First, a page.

More love for cats and dogs during pandemic fuels growth in pet food | Economy

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MINNEAPOLIS — Pet owners have spent more time with their furry friends this past year, something General Mills says is helping fuel sales of its Blue Buffalo pet food as customers swap out their old brands for more natural products. The Golden Valley-based food company noted these trends in its […]

MINNEAPOLIS — Pet owners have spent more time with their furry friends this past year, something General Mills says is helping fuel sales of its Blue Buffalo pet food as customers swap out their old brands for more natural products.

The Golden Valley-based food company noted these trends in its fiscal 2021 third quarter results posted Wednesday.

Pet ownership rates have increased in the past year, with more than half of pet owners saying their bonds with their pets have deepened during the pandemic. This, General Mills executives say, makes many of them willing to spend more money to feed their cats and dogs a more natural diet.

“One of the most compelling growth opportunities in our portfolio resides within our pet segment,” Jeff Harmening, chief executive of General Mills, said of its Blue Buffalo brand, which gained market share during the first nine months of its fiscal 2021.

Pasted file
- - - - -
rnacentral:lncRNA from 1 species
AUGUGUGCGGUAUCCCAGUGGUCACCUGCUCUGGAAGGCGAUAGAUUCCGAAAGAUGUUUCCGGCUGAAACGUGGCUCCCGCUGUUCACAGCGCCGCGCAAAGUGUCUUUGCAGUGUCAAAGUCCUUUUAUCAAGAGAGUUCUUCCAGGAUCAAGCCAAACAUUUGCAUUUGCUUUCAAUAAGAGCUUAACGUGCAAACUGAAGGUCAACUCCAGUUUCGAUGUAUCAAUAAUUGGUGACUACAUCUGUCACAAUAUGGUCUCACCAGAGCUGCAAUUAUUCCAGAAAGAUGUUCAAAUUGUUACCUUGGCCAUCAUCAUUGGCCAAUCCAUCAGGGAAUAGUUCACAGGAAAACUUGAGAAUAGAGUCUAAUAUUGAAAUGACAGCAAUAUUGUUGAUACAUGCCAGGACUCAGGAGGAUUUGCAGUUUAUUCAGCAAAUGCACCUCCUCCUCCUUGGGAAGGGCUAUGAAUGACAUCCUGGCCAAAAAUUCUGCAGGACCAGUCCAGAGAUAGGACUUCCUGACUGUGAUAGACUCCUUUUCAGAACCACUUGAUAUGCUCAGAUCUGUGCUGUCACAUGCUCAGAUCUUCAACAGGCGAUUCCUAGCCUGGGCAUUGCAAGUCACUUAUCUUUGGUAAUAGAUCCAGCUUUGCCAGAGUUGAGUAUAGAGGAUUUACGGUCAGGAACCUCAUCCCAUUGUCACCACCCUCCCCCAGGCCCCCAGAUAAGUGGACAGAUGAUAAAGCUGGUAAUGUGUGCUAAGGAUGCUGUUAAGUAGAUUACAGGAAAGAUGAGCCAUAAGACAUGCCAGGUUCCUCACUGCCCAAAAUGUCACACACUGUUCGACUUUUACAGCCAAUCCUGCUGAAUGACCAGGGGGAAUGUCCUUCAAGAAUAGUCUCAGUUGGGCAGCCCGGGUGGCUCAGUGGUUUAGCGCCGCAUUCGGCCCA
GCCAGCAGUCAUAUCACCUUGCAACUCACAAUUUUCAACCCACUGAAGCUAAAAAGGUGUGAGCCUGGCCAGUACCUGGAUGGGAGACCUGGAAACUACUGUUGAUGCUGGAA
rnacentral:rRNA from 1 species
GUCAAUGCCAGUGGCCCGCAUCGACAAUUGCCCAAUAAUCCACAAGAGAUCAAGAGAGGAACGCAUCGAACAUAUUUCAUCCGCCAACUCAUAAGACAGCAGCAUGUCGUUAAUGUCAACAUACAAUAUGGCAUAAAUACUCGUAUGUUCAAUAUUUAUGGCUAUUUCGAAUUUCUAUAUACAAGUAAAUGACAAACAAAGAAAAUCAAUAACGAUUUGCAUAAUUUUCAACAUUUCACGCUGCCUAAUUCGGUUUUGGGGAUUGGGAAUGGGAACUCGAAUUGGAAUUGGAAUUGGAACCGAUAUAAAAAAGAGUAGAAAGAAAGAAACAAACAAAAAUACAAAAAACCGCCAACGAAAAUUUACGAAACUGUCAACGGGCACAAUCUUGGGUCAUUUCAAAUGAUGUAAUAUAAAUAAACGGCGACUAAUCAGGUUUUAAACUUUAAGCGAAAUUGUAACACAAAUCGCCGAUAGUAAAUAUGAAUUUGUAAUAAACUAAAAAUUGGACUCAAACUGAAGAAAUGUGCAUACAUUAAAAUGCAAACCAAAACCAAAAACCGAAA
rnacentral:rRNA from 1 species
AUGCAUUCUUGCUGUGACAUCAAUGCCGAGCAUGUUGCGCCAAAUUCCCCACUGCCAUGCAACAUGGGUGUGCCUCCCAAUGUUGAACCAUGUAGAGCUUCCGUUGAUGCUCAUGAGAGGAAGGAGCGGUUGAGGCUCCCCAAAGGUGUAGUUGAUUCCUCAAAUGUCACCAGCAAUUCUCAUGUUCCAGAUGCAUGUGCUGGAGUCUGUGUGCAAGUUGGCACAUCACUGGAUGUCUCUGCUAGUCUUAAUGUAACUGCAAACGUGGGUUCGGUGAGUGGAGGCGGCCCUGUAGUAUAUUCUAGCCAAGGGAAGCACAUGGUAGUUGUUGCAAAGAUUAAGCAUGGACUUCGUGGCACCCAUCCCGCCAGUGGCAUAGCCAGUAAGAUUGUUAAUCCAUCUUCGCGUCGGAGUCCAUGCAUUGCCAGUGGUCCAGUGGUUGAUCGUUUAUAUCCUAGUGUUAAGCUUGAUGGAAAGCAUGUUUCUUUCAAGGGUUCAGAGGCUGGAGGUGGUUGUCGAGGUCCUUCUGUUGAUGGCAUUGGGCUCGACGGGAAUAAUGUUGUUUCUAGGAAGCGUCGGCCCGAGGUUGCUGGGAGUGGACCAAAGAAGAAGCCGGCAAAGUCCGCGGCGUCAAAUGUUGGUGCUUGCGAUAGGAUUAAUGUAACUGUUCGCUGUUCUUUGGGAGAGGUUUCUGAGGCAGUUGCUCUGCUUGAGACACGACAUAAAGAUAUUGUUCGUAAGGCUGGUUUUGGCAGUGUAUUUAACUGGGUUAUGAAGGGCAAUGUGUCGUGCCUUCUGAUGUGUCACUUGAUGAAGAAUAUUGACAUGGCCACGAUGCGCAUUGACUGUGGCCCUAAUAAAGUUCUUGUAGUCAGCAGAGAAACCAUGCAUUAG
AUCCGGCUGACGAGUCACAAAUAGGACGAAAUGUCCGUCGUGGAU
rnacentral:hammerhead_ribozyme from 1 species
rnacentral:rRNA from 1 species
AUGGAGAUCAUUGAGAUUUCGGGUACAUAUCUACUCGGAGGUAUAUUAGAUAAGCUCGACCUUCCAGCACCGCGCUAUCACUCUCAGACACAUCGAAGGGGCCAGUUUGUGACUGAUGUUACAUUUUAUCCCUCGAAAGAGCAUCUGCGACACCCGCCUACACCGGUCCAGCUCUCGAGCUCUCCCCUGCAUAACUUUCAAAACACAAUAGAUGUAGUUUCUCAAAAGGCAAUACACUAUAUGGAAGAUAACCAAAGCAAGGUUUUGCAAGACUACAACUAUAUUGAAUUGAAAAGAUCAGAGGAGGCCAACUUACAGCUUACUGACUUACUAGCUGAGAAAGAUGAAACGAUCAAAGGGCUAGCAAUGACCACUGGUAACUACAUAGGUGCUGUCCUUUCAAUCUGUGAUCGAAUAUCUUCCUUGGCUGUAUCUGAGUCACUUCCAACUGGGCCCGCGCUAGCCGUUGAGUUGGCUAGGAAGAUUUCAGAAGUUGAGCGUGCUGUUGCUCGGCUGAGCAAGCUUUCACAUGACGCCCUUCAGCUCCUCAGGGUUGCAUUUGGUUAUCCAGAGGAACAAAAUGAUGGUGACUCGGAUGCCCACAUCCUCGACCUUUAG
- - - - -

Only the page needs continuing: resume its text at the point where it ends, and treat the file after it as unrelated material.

General Mills’ $4.5 billion net sales marked an 8 percent increase for the quarter ended Feb. 28 and slightly beat Wall Street expectations, while its earnings per share of 82 cents — an increase of 6 percent over a year ago — missed expectations by a couple of cents.

The company’s stock was down more than 3 percent in premarket trading.

The maker of Betty Crocker, Pillsbury and Totino’s is just now beginning to lap the start of the pandemic when stay-at-home orders sent demand for groceries soaring. Such elevated levels will make financial results difficult for the next several quarters as sales will almost certainly be lower by comparison to a year ago.

On Tuesday, General Mills announced plans to sell its 51 percent stake in Yoplait’s Europe business in exchange for full control of Yoplait in Canada. The company will also no longer have to pay distribution royalties on Yoplait and Liberte brands in the U.S. and Canada.

“Importantly, [this divestiture] allows our Europe and Australia segment to increase its focus on the businesses where we see the greatest potential for growth,” Harmening said. “With this sale, we will deliver on our commitment to divest approximately 5 percent of our net sales, and we remain committed to further portfolio reshaping through acquisitions and/or divestitures to enhance our growth profile.”

All of its business segments tallied growth in the latest quarter except convenience and food service, which sells food products to schools, institutions and cafeterias where traffic remains hampered by the pandemic.

General Mills also offered full-year outlook for the first time this fiscal year that has so far been too unpredictable to forecast through. The company expects full-year organic net sales to increase about 3.5 percent and its full-year operating profit margin to remain somewhat flat.

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